In 1742, Johann Sebastian Bach gave his Goldberg Variations the simple title Piano exercise consisting of one aria with various variations – and it is a fascinating compendium of variations, canons and fugues. In 1993, the Swiss choreographer Heinz Spoerli accepted the challenge of meeting Bach’s Opus summum for the piano with dance – and created one of his major works: a dance drama built out of music-making with the body about human beings, their joys and fears, loneliness and desires, allegiances and quarrels, youth and age. Goldberg-Variationen presents an 80-minute panorama of life which is juxtaposed here with a ballet choreographed by Ohad Naharin – also performed by the Vienna State Ballet for the first time – Tabula Rasa, to the eponymous piece by the composer Arvo Pärt. The Israeli’s works are declarations of love to the body in movement full of freedom, strength, eroticism and wildness, but also of purity, tenderness and vulnerability. The term »tabula rasa« comes from an ancient philosophical idea and describes human beings as a »blank page«. Ohad Naharin takes one of these and writes on it his explorations of the self and the body in the form of touching, kinetic-meditative experiences.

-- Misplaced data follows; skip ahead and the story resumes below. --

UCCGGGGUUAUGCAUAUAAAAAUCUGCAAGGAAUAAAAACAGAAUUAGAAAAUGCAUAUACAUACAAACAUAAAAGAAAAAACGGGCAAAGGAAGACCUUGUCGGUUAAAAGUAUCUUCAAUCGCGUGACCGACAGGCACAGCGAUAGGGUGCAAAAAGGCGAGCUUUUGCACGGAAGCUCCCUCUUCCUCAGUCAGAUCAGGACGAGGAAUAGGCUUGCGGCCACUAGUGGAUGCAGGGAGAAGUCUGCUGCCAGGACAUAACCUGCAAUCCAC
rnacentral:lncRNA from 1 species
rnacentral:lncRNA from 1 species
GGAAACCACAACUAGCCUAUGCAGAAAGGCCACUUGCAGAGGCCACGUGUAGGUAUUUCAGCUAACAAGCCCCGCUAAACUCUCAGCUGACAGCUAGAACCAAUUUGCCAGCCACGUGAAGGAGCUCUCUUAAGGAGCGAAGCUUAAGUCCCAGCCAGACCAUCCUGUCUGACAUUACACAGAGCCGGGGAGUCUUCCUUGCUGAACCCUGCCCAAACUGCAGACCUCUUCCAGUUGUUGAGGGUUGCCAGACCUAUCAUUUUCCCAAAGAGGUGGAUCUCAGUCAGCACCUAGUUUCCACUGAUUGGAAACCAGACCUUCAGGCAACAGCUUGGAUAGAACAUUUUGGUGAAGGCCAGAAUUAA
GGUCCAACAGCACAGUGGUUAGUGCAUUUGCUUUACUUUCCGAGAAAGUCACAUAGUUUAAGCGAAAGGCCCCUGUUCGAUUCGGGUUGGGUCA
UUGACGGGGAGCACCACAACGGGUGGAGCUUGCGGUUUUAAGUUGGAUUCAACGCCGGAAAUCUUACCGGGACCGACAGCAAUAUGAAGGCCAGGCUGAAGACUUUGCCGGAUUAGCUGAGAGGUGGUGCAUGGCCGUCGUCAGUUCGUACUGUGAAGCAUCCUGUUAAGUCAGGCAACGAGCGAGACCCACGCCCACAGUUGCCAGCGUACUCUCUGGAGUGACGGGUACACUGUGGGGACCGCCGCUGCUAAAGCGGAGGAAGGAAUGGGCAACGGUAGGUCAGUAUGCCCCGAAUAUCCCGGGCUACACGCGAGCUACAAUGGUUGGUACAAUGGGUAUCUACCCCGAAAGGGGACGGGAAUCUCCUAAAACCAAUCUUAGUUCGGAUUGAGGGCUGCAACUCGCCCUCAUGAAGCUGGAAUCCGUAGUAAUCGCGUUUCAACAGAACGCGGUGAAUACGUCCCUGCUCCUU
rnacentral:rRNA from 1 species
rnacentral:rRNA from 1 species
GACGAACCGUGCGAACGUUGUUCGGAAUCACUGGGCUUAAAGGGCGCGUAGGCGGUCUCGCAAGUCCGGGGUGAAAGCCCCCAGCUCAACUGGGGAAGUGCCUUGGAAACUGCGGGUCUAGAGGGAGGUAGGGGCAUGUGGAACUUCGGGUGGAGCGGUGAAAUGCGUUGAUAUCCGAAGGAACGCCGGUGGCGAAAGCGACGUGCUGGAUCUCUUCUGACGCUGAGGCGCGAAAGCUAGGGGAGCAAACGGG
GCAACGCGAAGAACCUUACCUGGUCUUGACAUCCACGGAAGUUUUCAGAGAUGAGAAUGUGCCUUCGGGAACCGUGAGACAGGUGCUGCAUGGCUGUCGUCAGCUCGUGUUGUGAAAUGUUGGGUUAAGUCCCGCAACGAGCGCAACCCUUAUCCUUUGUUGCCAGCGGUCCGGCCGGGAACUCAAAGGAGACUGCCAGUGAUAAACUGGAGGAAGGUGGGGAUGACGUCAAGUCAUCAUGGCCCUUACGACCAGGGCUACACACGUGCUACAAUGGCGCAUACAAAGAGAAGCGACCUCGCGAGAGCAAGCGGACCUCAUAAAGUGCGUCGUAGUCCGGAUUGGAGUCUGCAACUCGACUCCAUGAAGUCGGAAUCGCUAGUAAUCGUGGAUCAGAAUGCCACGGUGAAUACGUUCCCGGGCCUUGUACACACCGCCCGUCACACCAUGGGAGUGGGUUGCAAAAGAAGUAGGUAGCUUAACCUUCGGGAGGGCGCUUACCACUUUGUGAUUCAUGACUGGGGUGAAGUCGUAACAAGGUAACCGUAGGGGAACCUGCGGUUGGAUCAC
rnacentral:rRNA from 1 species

Ohad Naharin is one of the most fascinating figures in contemporary dance: an artist who loves extremes. Born in the Israeli kibbutz Mizra in 1952, he left his homeland at the age of 24 when he was invited to go to New York by modern dance icon Martha Graham. He danced in Maurice Béjart’s Ballet du XXe Siècle, and from 1990 to 2018 ran the Batsheva Dance Company, based in Tel Aviv, developing an entire technique of movement for them, Gaga, a method of »training the senses to be receptive«, created out of the need to be able to communicate with dancers on a deeper level.